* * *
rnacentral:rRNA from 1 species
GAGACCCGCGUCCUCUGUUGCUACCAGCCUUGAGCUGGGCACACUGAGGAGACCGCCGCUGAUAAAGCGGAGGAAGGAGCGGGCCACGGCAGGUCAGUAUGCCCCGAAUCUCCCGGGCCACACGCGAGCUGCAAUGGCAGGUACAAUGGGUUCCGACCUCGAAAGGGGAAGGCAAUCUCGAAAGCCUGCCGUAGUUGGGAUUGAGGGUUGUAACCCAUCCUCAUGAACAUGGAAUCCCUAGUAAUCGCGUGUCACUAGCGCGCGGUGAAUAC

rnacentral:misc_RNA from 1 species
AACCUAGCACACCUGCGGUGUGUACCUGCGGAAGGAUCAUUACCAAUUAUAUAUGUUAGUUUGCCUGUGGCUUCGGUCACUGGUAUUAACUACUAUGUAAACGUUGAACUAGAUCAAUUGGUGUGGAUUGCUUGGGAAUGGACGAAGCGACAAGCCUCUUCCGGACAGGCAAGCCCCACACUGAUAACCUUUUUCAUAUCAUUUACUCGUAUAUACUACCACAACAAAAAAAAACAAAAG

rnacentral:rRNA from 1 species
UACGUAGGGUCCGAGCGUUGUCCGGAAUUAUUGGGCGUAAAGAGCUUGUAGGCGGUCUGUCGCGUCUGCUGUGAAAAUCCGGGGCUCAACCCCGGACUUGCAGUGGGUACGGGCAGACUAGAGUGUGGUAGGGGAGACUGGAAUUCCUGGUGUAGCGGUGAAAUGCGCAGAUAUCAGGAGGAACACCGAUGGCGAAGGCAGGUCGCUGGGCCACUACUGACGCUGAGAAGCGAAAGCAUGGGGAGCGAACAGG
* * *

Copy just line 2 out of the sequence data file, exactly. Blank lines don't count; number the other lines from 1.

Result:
GAGACCCGCGUCCUCUGUUGCUACCAGCCUUGAGCUGGGCACACUGAGGAGACCGCCGCUGAUAAAGCGGAGGAAGGAGCGGGCCACGGCAGGUCAGUAUGCCCCGAAUCUCCCGGGCCACACGCGAGCUGCAAUGGCAGGUACAAUGGGUUCCGACCUCGAAAGGGGAAGGCAAUCUCGAAAGCCUGCCGUAGUUGGGAUUGAGGGUUGUAACCCAUCCUCAUGAACAUGGAAUCCCUAGUAAUCGCGUGUCACUAGCGCGCGGUGAAUAC